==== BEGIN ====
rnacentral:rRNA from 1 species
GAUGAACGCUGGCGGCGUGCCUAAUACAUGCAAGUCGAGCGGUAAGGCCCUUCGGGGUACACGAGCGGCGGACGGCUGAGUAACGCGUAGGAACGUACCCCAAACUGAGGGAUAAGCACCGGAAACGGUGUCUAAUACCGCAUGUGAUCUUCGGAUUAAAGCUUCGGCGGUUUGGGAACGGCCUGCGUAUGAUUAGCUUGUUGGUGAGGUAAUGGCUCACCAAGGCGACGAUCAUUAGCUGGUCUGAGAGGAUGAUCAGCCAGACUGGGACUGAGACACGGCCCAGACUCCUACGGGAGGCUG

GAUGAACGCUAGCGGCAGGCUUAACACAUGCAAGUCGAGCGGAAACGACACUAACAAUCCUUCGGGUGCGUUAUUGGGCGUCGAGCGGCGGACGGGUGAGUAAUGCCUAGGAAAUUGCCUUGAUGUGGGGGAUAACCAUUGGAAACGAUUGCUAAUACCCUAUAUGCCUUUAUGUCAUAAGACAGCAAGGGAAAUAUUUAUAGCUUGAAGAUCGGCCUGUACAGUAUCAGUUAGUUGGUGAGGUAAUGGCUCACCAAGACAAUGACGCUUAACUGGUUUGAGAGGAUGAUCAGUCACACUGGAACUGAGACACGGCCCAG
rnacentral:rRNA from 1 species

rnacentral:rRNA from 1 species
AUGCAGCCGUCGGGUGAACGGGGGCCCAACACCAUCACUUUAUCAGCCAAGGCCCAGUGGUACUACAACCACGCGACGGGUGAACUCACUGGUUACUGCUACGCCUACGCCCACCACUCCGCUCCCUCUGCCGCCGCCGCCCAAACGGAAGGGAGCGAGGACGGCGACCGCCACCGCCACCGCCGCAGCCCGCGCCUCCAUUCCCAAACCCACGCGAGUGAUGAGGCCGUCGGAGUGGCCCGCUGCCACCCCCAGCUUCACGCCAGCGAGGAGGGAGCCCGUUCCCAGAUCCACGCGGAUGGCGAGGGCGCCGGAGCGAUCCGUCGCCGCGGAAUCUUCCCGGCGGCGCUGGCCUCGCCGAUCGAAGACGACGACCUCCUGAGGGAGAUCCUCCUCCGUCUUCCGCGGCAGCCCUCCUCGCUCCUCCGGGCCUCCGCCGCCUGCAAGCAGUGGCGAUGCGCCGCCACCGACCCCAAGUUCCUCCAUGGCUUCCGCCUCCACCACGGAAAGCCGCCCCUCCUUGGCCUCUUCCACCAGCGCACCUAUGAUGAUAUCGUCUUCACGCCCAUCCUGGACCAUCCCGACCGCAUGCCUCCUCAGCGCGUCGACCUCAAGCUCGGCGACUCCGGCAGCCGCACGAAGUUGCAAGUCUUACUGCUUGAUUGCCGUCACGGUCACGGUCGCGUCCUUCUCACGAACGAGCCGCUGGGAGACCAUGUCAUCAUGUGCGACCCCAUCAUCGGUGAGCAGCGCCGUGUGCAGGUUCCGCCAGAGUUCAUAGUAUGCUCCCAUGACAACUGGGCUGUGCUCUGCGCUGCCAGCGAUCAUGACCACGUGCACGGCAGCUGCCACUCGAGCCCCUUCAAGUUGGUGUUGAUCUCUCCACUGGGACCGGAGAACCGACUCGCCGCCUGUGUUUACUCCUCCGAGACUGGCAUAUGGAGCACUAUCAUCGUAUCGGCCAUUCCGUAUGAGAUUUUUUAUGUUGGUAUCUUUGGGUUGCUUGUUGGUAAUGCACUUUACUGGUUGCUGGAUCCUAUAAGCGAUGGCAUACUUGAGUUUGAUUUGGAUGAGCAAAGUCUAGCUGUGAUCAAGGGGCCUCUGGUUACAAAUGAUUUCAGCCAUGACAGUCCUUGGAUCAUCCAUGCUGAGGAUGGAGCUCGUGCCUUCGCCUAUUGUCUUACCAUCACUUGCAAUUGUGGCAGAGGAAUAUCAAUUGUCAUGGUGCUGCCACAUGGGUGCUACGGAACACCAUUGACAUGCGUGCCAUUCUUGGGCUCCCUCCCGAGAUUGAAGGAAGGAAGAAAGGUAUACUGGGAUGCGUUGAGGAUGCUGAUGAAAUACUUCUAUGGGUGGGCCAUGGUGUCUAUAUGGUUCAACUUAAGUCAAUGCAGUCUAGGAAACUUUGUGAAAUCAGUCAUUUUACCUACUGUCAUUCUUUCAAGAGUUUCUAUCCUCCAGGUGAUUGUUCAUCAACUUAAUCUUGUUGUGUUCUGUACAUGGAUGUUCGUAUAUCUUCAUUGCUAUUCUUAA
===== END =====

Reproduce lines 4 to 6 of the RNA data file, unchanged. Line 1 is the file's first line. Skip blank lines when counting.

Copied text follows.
rnacentral:rRNA from 1 species

rnacentral:rRNA from 1 species
AUGCAGCCGUCGGGUGAACGGGGGCCCAACACCAUCACUUUAUCAGCCAAGGCCCAGUGGUACUACAACCACGCGACGGGUGAACUCACUGGUUACUGCUACGCCUACGCCCACCACUCCGCUCCCUCUGCCGCCGCCGCCCAAACGGAAGGGAGCGAGGACGGCGACCGCCACCGCCACCGCCGCAGCCCGCGCCUCCAUUCCCAAACCCACGCGAGUGAUGAGGCCGUCGGAGUGGCCCGCUGCCACCCCCAGCUUCACGCCAGCGAGGAGGGAGCCCGUUCCCAGAUCCACGCGGAUGGCGAGGGCGCCGGAGCGAUCCGUCGCCGCGGAAUCUUCCCGGCGGCGCUGGCCUCGCCGAUCGAAGACGACGACCUCCUGAGGGAGAUCCUCCUCCGUCUUCCGCGGCAGCCCUCCUCGCUCCUCCGGGCCUCCGCCGCCUGCAAGCAGUGGCGAUGCGCCGCCACCGACCCCAAGUUCCUCCAUGGCUUCCGCCUCCACCACGGAAAGCCGCCCCUCCUUGGCCUCUUCCACCAGCGCACCUAUGAUGAUAUCGUCUUCACGCCCAUCCUGGACCAUCCCGACCGCAUGCCUCCUCAGCGCGUCGACCUCAAGCUCGGCGACUCCGGCAGCCGCACGAAGUUGCAAGUCUUACUGCUUGAUUGCCGUCACGGUCACGGUCGCGUCCUUCUCACGAACGAGCCGCUGGGAGACCAUGUCAUCAUGUGCGACCCCAUCAUCGGUGAGCAGCGCCGUGUGCAGGUUCCGCCAGAGUUCAUAGUAUGCUCCCAUGACAACUGGGCUGUGCUCUGCGCUGCCAGCGAUCAUGACCACGUGCACGGCAGCUGCCACUCGAGCCCCUUCAAGUUGGUGUUGAUCUCUCCACUGGGACCGGAGAACCGACUCGCCGCCUGUGUUUACUCCUCCGAGACUGGCAUAUGGAGCACUAUCAUCGUAUCGGCCAUUCCGUAUGAGAUUUUUUAUGUUGGUAUCUUUGGGUUGCUUGUUGGUAAUGCACUUUACUGGUUGCUGGAUCCUAUAAGCGAUGGCAUACUUGAGUUUGAUUUGGAUGAGCAAAGUCUAGCUGUGAUCAAGGGGCCUCUGGUUACAAAUGAUUUCAGCCAUGACAGUCCUUGGAUCAUCCAUGCUGAGGAUGGAGCUCGUGCCUUCGCCUAUUGUCUUACCAUCACUUGCAAUUGUGGCAGAGGAAUAUCAAUUGUCAUGGUGCUGCCACAUGGGUGCUACGGAACACCAUUGACAUGCGUGCCAUUCUUGGGCUCCCUCCCGAGAUUGAAGGAAGGAAGAAAGGUAUACUGGGAUGCGUUGAGGAUGCUGAUGAAAUACUUCUAUGGGUGGGCCAUGGUGUCUAUAUGGUUCAACUUAAGUCAAUGCAGUCUAGGAAACUUUGUGAAAUCAGUCAUUUUACCUACUGUCAUUCUUUCAAGAGUUUCUAUCCUCCAGGUGAUUGUUCAUCAACUUAAUCUUGUUGUGUUCUGUACAUGGAUGUUCGUAUAUCUUCAUUGCUAUUCUUAA